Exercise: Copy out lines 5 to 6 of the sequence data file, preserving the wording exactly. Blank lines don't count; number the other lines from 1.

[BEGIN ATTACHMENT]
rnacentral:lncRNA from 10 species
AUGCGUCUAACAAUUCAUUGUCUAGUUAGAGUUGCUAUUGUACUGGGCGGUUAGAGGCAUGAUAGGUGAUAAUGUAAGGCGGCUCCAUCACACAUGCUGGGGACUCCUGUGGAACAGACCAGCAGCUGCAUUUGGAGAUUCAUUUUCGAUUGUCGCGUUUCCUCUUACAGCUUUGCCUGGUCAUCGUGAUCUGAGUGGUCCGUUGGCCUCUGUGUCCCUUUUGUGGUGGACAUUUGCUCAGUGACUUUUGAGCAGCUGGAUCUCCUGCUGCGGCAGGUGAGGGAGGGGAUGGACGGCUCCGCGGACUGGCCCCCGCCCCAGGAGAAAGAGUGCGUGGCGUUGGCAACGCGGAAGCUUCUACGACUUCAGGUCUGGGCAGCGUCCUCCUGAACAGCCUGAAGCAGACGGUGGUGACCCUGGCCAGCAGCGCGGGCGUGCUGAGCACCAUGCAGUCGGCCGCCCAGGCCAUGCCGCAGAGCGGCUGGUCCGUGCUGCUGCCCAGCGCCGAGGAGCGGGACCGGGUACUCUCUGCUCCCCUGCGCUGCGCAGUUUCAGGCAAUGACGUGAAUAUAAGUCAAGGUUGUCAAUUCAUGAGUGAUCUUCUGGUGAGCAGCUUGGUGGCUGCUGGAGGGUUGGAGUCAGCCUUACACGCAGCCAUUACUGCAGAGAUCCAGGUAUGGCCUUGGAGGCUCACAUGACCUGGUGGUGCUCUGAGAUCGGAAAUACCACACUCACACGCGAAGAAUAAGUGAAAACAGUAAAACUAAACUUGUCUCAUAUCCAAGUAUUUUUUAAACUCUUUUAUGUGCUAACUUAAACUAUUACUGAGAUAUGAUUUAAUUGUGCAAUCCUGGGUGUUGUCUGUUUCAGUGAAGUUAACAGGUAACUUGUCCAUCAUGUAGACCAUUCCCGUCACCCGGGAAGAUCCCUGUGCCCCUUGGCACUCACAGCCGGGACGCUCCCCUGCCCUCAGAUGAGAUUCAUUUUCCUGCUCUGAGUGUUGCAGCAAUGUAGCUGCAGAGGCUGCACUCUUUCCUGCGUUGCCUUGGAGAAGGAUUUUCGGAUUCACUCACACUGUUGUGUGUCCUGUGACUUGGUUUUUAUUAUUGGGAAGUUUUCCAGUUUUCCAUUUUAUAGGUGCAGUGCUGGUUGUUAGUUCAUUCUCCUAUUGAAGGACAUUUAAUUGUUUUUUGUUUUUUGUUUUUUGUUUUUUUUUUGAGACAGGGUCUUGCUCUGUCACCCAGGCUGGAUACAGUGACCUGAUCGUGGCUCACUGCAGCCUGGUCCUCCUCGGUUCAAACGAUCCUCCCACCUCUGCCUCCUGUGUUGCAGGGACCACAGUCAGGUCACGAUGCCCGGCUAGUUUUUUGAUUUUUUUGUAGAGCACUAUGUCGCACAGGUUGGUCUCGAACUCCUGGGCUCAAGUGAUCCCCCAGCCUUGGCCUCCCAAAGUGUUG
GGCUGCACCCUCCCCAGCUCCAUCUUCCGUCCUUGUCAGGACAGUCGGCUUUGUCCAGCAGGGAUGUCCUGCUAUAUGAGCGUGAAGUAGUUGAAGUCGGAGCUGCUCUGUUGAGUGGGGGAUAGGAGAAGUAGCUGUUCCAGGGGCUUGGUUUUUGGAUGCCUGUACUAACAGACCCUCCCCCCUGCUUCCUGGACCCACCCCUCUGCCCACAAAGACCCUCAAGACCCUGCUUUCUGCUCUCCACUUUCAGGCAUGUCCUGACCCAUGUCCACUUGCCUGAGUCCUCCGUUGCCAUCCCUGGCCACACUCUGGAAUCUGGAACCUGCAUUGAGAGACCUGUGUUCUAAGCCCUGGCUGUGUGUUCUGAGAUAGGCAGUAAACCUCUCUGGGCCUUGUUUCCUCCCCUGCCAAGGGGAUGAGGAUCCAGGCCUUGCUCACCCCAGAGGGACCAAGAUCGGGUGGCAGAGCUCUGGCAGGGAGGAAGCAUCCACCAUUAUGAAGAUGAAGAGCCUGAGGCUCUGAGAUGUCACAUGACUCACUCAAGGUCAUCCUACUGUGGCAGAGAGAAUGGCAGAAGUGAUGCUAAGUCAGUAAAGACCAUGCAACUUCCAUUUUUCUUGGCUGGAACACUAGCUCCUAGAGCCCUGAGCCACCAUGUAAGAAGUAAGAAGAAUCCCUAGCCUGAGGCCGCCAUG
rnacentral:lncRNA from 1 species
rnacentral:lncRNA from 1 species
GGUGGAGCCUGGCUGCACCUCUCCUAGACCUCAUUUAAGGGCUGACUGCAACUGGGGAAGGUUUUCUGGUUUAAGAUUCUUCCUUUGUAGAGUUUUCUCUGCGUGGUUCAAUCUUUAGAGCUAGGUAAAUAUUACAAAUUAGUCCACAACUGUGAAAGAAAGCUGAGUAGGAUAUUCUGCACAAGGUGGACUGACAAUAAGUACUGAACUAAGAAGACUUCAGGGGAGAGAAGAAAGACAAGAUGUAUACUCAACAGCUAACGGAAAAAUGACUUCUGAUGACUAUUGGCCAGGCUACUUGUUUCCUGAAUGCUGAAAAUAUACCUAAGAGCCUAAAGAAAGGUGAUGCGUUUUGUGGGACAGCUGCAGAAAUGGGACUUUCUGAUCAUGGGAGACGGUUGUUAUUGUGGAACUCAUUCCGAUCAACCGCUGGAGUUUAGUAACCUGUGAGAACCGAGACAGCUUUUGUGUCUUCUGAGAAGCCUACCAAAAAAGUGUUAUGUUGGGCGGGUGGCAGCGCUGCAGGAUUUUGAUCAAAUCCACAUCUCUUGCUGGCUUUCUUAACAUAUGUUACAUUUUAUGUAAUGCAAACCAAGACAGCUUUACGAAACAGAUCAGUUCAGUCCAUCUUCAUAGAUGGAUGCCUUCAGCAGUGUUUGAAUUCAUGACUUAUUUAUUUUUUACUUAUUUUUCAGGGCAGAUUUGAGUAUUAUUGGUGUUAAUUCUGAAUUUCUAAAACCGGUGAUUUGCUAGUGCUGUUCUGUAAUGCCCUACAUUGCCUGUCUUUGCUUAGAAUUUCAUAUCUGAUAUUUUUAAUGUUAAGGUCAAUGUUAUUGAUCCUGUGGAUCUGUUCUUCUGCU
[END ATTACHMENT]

rnacentral:lncRNA from 1 species
GGUGGAGCCUGGCUGCACCUCUCCUAGACCUCAUUUAAGGGCUGACUGCAACUGGGGAAGGUUUUCUGGUUUAAGAUUCUUCCUUUGUAGAGUUUUCUCUGCGUGGUUCAAUCUUUAGAGCUAGGUAAAUAUUACAAAUUAGUCCACAACUGUGAAAGAAAGCUGAGUAGGAUAUUCUGCACAAGGUGGACUGACAAUAAGUACUGAACUAAGAAGACUUCAGGGGAGAGAAGAAAGACAAGAUGUAUACUCAACAGCUAACGGAAAAAUGACUUCUGAUGACUAUUGGCCAGGCUACUUGUUUCCUGAAUGCUGAAAAUAUACCUAAGAGCCUAAAGAAAGGUGAUGCGUUUUGUGGGACAGCUGCAGAAAUGGGACUUUCUGAUCAUGGGAGACGGUUGUUAUUGUGGAACUCAUUCCGAUCAACCGCUGGAGUUUAGUAACCUGUGAGAACCGAGACAGCUUUUGUGUCUUCUGAGAAGCCUACCAAAAAAGUGUUAUGUUGGGCGGGUGGCAGCGCUGCAGGAUUUUGAUCAAAUCCACAUCUCUUGCUGGCUUUCUUAACAUAUGUUACAUUUUAUGUAAUGCAAACCAAGACAGCUUUACGAAACAGAUCAGUUCAGUCCAUCUUCAUAGAUGGAUGCCUUCAGCAGUGUUUGAAUUCAUGACUUAUUUAUUUUUUACUUAUUUUUCAGGGCAGAUUUGAGUAUUAUUGGUGUUAAUUCUGAAUUUCUAAAACCGGUGAUUUGCUAGUGCUGUUCUGUAAUGCCCUACAUUGCCUGUCUUUGCUUAGAAUUUCAUAUCUGAUAUUUUUAAUGUUAAGGUCAAUGUUAUUGAUCCUGUGGAUCUGUUCUUCUGCU